These general notes are provided to ensure proper installation of Simpson Strong-Tie straps and ties.
When installing floor-to-floor straps, wood shrinkage and compression that occurs during construction may cause the straps to bow out if both ends of the strap are nailed during initial installation.
To prevent this, filling all fastener holes in the strap (including the rim joist area) will limit the bowing. Alternatively, fill the holes in the top of the strap before the roof is installed and then filling the bottom half of the strap after will also help reduce bowing.
When a connector is loaded simultaneously in more than one direction, the allowable load must be evaluated as option 1 or 2.
Option 1: Unity Equation
For all connectors use the following equation:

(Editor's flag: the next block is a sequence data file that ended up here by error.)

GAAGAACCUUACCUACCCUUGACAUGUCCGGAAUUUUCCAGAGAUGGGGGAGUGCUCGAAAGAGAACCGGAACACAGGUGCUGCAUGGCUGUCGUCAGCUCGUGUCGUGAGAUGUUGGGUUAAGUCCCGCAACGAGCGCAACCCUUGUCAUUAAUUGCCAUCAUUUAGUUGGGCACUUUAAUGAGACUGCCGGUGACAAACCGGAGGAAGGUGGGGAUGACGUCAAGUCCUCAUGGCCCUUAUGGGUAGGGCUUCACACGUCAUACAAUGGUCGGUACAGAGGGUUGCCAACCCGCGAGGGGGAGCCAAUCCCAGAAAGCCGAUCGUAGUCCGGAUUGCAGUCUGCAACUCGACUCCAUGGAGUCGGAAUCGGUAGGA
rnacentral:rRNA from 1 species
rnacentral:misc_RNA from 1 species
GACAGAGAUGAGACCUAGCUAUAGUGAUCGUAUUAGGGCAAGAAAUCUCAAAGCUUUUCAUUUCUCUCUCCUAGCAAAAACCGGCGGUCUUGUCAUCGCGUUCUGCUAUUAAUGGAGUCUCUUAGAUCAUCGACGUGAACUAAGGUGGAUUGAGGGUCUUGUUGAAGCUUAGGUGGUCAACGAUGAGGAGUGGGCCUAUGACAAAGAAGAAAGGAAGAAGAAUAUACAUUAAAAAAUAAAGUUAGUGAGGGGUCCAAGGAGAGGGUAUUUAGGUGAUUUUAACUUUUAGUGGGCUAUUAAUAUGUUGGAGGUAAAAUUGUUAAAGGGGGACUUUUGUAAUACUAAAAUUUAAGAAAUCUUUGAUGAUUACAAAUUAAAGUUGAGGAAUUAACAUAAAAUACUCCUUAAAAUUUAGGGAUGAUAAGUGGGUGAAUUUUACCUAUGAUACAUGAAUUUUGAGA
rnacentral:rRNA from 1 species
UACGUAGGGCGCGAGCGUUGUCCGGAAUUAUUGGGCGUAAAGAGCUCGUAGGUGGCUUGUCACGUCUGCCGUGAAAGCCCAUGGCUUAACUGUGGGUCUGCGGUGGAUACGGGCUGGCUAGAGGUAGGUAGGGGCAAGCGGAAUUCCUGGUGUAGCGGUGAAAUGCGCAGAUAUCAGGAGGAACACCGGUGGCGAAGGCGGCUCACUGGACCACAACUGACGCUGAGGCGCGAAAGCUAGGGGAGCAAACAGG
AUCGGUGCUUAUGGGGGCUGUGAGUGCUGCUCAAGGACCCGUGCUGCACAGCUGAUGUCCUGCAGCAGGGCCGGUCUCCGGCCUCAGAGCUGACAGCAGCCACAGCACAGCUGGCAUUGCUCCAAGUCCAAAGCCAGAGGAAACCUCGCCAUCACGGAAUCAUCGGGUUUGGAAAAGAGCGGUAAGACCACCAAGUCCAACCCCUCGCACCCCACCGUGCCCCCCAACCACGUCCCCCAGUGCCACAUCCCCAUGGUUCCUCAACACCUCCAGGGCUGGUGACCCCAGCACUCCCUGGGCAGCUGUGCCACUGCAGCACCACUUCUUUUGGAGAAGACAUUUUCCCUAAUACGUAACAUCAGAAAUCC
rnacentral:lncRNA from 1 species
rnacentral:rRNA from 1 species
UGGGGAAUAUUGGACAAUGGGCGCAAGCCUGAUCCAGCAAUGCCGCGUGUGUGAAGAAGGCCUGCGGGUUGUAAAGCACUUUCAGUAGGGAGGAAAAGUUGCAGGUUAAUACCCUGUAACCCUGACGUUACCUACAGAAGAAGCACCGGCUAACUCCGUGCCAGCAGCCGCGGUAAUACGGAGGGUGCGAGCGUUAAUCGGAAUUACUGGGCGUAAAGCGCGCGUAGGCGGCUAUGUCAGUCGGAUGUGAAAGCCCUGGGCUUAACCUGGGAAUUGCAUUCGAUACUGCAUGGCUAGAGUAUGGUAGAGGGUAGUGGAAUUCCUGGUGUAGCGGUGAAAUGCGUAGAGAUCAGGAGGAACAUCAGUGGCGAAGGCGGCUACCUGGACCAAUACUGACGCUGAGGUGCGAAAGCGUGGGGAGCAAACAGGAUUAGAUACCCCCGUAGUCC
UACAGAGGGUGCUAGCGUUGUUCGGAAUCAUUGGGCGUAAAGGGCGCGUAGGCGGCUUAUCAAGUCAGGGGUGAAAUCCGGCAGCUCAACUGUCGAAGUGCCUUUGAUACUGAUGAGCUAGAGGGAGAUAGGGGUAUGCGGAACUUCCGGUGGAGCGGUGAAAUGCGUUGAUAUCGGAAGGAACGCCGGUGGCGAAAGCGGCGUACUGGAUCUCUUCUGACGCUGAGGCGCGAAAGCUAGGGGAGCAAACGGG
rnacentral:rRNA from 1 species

Design Uplift / Allowable Uplift + Design Lateral Parallel to Plate / Allowable Lateral Parallel to Plate + Design Lateral Perpendicular to Plate / Allowable Lateral Perpendicular to Plate < 1.0.
The three terms in the unity equation are due to the possible directions that exist to generate force on a connector. The number of terms that must be considered for simultaneous loading is at the sole discretion of the Designer and is dependent on their method of calculating wind forces and the utilization of the connector within the structural system.
Option 2: 75% Rule
As an alternative, certain roof-to-wall connectors (embedded truss anchors, pp. 248–249, seismic and hurricane ties, pp. 270–272, and twist straps, p. 277) can be evaluated using the following: The design load in each direction shall not exceed the published allowable load in that direction multiplied by 0.75.